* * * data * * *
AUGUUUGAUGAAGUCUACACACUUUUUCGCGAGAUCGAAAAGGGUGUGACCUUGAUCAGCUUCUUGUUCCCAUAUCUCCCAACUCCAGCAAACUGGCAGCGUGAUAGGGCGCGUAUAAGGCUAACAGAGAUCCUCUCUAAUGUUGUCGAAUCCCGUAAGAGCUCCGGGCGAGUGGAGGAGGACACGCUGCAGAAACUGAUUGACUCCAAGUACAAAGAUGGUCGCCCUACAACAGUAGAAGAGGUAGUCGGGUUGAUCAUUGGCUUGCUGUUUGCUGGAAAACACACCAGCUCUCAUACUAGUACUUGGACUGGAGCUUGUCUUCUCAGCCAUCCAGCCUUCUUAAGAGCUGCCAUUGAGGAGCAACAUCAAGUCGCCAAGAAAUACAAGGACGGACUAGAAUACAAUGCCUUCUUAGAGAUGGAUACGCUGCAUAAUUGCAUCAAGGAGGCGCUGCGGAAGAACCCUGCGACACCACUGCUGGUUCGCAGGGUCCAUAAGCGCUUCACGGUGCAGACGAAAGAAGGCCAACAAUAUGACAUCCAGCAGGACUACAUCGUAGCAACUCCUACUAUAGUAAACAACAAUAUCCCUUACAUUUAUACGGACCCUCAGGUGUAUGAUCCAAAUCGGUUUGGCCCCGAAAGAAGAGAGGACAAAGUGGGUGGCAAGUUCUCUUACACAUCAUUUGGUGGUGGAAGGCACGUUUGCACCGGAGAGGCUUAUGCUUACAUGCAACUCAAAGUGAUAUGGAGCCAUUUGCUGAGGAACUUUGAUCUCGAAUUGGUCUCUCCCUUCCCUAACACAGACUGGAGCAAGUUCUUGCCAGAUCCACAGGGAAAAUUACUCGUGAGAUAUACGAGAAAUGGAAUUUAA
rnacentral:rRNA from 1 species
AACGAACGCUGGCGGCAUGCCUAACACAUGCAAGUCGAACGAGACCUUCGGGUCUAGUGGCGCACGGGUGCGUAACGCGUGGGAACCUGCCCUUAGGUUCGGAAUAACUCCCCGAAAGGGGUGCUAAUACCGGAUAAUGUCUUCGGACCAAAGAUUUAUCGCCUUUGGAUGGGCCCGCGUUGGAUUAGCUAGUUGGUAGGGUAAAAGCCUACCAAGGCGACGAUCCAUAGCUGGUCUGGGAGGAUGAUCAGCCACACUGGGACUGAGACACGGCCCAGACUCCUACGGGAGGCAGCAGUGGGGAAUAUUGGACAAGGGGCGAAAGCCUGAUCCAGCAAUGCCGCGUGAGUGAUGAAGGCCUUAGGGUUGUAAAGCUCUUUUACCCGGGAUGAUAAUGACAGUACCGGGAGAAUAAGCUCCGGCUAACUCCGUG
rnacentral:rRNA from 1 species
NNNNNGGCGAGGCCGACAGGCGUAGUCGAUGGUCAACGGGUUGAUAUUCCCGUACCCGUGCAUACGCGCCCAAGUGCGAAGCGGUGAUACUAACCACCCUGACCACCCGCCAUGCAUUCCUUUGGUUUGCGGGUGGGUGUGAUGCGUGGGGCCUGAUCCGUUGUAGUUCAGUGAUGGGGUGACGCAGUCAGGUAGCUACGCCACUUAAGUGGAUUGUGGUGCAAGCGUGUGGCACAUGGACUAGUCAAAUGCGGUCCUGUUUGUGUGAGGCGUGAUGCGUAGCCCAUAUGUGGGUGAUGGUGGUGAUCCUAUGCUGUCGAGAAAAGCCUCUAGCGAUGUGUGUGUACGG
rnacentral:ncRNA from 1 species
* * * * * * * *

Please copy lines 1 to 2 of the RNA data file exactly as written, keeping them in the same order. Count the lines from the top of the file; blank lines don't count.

AUGUUUGAUGAAGUCUACACACUUUUUCGCGAGAUCGAAAAGGGUGUGACCUUGAUCAGCUUCUUGUUCCCAUAUCUCCCAACUCCAGCAAACUGGCAGCGUGAUAGGGCGCGUAUAAGGCUAACAGAGAUCCUCUCUAAUGUUGUCGAAUCCCGUAAGAGCUCCGGGCGAGUGGAGGAGGACACGCUGCAGAAACUGAUUGACUCCAAGUACAAAGAUGGUCGCCCUACAACAGUAGAAGAGGUAGUCGGGUUGAUCAUUGGCUUGCUGUUUGCUGGAAAACACACCAGCUCUCAUACUAGUACUUGGACUGGAGCUUGUCUUCUCAGCCAUCCAGCCUUCUUAAGAGCUGCCAUUGAGGAGCAACAUCAAGUCGCCAAGAAAUACAAGGACGGACUAGAAUACAAUGCCUUCUUAGAGAUGGAUACGCUGCAUAAUUGCAUCAAGGAGGCGCUGCGGAAGAACCCUGCGACACCACUGCUGGUUCGCAGGGUCCAUAAGCGCUUCACGGUGCAGACGAAAGAAGGCCAACAAUAUGACAUCCAGCAGGACUACAUCGUAGCAACUCCUACUAUAGUAAACAACAAUAUCCCUUACAUUUAUACGGACCCUCAGGUGUAUGAUCCAAAUCGGUUUGGCCCCGAAAGAAGAGAGGACAAAGUGGGUGGCAAGUUCUCUUACACAUCAUUUGGUGGUGGAAGGCACGUUUGCACCGGAGAGGCUUAUGCUUACAUGCAACUCAAAGUGAUAUGGAGCCAUUUGCUGAGGAACUUUGAUCUCGAAUUGGUCUCUCCCUUCCCUAACACAGACUGGAGCAAGUUCUUGCCAGAUCCACAGGGAAAAUUACUCGUGAGAUAUACGAGAAAUGGAAUUUAA
rnacentral:rRNA from 1 species